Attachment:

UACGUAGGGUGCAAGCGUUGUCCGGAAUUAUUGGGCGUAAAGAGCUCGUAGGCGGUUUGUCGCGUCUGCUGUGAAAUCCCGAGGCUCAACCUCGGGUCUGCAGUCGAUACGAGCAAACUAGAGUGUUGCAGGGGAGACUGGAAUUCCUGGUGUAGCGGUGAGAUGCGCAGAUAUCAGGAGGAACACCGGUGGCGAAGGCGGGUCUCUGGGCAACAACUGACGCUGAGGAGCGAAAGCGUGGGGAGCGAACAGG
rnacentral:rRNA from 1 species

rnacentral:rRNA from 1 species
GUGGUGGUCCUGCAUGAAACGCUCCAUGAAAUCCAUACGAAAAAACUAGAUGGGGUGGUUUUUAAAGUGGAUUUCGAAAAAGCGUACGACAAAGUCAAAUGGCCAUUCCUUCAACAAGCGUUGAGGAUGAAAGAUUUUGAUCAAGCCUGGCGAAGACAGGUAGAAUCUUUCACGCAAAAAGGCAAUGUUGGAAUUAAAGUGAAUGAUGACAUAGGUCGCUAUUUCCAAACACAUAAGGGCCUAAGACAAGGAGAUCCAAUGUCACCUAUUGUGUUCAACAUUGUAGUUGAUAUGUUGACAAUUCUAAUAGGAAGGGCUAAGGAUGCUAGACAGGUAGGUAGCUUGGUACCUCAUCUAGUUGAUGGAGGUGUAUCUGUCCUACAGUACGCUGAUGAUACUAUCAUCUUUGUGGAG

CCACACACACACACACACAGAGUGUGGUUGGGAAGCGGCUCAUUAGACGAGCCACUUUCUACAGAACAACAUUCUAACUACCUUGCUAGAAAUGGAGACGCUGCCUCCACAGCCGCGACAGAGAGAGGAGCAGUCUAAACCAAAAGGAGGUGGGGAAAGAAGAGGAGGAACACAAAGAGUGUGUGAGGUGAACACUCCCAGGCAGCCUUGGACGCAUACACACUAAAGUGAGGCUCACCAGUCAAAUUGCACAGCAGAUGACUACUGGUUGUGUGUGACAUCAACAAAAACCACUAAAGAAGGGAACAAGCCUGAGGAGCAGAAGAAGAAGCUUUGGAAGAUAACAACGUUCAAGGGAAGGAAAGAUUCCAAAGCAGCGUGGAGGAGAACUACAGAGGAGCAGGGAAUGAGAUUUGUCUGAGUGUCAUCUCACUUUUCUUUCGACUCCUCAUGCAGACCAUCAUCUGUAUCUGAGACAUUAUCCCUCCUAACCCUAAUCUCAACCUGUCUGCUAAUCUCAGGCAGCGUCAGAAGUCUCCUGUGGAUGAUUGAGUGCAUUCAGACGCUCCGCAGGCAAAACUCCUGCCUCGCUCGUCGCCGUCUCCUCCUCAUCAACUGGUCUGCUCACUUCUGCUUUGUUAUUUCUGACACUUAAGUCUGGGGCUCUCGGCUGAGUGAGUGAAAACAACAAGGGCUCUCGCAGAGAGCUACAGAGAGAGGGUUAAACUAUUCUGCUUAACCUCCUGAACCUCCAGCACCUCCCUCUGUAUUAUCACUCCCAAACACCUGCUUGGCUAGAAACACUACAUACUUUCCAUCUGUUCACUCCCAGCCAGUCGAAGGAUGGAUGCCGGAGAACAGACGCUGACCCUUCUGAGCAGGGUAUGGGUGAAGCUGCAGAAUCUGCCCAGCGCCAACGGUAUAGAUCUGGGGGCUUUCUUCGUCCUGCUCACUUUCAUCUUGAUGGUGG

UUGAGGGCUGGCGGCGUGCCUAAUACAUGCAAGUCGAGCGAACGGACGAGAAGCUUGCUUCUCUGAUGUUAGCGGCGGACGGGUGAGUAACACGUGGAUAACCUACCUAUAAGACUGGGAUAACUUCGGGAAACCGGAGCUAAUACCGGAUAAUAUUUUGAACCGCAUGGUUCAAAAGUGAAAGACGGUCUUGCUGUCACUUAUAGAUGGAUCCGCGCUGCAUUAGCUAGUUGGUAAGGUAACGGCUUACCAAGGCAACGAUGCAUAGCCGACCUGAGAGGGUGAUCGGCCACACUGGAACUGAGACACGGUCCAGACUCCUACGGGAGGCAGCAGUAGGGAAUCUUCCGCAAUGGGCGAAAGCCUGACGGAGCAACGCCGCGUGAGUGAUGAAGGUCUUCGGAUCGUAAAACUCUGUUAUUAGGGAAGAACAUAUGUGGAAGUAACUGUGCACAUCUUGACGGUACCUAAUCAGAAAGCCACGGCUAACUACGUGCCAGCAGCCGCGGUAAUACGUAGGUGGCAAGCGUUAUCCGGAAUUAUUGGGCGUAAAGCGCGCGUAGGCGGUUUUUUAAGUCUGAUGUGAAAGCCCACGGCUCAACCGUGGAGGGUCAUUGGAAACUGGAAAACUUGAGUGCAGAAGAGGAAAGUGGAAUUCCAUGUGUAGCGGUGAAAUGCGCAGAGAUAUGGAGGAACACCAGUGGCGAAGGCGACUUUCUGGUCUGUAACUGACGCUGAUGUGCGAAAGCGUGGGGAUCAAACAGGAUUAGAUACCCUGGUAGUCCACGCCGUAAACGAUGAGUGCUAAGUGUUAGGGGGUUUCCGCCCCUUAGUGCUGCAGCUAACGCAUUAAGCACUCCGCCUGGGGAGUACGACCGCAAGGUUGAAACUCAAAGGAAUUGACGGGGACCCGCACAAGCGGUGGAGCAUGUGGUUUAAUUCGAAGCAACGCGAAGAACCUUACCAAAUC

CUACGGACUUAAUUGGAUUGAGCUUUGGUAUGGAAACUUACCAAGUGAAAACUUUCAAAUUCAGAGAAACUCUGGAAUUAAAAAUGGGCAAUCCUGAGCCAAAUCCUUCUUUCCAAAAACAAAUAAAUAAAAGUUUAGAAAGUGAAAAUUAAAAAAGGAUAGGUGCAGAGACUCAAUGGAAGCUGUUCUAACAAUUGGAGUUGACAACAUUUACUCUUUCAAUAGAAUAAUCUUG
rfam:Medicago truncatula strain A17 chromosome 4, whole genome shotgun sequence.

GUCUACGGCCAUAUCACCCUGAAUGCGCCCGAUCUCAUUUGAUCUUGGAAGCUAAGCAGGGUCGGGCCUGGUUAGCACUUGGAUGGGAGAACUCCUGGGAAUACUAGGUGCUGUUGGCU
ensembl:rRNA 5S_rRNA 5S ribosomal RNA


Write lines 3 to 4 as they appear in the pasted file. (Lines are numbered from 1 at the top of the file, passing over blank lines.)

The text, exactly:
rnacentral:rRNA from 1 species
GUGGUGGUCCUGCAUGAAACGCUCCAUGAAAUCCAUACGAAAAAACUAGAUGGGGUGGUUUUUAAAGUGGAUUUCGAAAAAGCGUACGACAAAGUCAAAUGGCCAUUCCUUCAACAAGCGUUGAGGAUGAAAGAUUUUGAUCAAGCCUGGCGAAGACAGGUAGAAUCUUUCACGCAAAAAGGCAAUGUUGGAAUUAAAGUGAAUGAUGACAUAGGUCGCUAUUUCCAAACACAUAAGGGCCUAAGACAAGGAGAUCCAAUGUCACCUAUUGUGUUCAACAUUGUAGUUGAUAUGUUGACAAUUCUAAUAGGAAGGGCUAAGGAUGCUAGACAGGUAGGUAGCUUGGUACCUCAUCUAGUUGAUGGAGGUGUAUCUGUCCUACAGUACGCUGAUGAUACUAUCAUCUUUGUGGAG